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Editorial Commentary: The Acrid Bioscrew in Anterior Cruciate Ligament Reconstruction of the Knee

      Abstract

      Bioresorbable screws have been widely adopted for graft fixation in knee anterior cruciate ligament (ACL) reconstruction on the promise of screw resorbtion and replacement by bone. When considering the value of bioresorbable screws, it is imperative to understand that the “A” in PGA and PLA, the base ingredient of all bioscrews, is for Acid. All resorb by a process of hydrolysis; the speed and extent of resorbtion is determined by both the acidity of the screw and the environment in which it is placed. Regrettably, the promise of reliable, predictable screw resorbtion and replacement by bone remains elusive, despite the addition of “osteoconductive” materials. For the most part, bioresorbables are associated with good clinical outcomes for ACL reconstruction; they are not “dangerous,” just disappointing with respect to bony replacement. We propose that nonresorbing inert plastics such as PEEK (polyether ether ketone) may be better suited for the purpose of graft fixation devices for ACL reconstruction.
      I read with interest the article “Radiographic Tibial Tunnel Assessment After Anterior Cruciate Ligament Reconstruction Using Hamstring Tendon Autografts and Biocomposite Screws: A Prospective Study With Five-Year Follow-up” by Karikis, Ejerhed, Sernert, Rostgård-Christensen, and Kartus.
      • Karikis I.
      • Ejerhed L.
      • Sernert N.
      • Rostgård-Christensen L.
      • Kartus J.
      Radiographic tibial tunnel assessment after anterior cruciate ligament reconstruction using hamstring tendon autografts and biocomposite screws: A prospective study with five-year follow-up.
      The authors examined the radiological appearance of tibial tunnels 5 years after knee anterior cruciate ligament (ACL) reconstruction with a biocomposite screw, and concluded that no tunnel widening had occurred over time.
      This leads me to opine regarding the value of “biocomposite,” “osteoconductive,” and “resorbable” materials for fixation in current ACL reconstruction techniques and ligament repair to bone. Why do we have these bioscrews?
      The advantages and disadvantages of metal screws are well described and understood by surgeons. “Bioscrews” were designed with the goal of creating a screw that is radiologically friendly, able to provide strong fixation until the graft incorporates, and then fully undergo resorbtion to be replaced by bone. Although most studies have shown that “bioscrews” are associated with good clinical outcomes, which may be equivalent to metal screws,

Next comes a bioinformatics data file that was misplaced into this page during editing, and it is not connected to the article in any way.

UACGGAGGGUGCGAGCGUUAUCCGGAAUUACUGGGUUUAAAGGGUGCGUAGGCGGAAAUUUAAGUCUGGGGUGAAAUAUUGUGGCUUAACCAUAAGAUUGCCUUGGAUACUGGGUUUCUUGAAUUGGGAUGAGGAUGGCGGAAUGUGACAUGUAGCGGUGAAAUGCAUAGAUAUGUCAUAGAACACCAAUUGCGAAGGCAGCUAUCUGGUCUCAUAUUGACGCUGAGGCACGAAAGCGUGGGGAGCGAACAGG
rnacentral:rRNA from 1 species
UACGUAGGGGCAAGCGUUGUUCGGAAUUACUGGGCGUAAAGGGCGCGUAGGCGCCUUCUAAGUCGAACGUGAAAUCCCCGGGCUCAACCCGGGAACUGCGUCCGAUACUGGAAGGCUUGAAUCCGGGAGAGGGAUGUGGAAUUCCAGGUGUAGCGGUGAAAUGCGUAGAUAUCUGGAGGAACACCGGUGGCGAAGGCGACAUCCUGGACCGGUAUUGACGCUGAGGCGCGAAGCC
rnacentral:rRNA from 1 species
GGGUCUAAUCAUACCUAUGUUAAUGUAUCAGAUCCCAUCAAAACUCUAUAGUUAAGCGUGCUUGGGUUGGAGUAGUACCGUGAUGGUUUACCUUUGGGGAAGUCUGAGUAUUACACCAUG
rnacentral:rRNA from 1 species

• Kaeding C.
      • Farr J.
      • Kavanaugh T.
      • Pedroza A.
      A prospective randomized comparison of bioabsorbable and titanium anterior cruciate ligament interference screws.
      • Kousa P.
      • Jarvinen T.L.N.
      • Kannus P.
      • Jarvinen M.
      Initial fixation strength of bioabsorbable and titanium interference screws in anterior cruciate ligament reconstruction.
      • Caborn D.
      • Coen M.
      • Neef R.
      • Hamilton D.
      • Nyland J.
      • Johnson D.
      Quadrupled semitendinosus-gracilis autograft fixation in the femoral tunnel: A comparison between a metal and a bioabsorbable interference screw.
      • Abate J.
      • Fadale P.
      • Hulstyn M.
      • Walsh W.
      Initial fixation strength of polylactic acid interference screws in anterior cruciate ligament reconstruction.
      • Weiler A.
      • Windhagen H.
      • Raschke M.
      • Laumeyer A.
      • Hoffmann R.
      Biodegradable interference screw fixation exhibits pull-out force and stiffness similar to titanium screws.
      • Barber F.A.
      Poly-D,L-lactide interference screws for anterior cruciate ligament reconstruction.
      • Zantop T.
      • Weimann A.
      • Schmidtko R.
      • Herbort M.
      • Raschke M.J.
      • Petersen W.
      Graft laceration and pullout strength of soft-tissue anterior cruciate ligament reconstruction: In vitro study comparing titanium, poly-D,L-lactide, and poly-D,L-lactide tricalcium phosphate screws.
      • Laxdal G.
      • Kartus J.
      • Eriksson B.I.
      • Faxen E.
      • Sernert N.
      • Karlsson J.
      Biodegradable and metallic interference screws in anterior cruciate ligament reconstruction surgery using hamstring tendon grafts: Prospective randomized study of radiographic results and clinical outcome.
      • Shen C.
      • Jiang S.-D.
      • Jiang L.-S.
      • Dai L.-Y.
      Bioabsorbable versus metallic interference screw fixation in anterior cruciate ligament reconstruction: A meta-analysis of randomized controlled trials.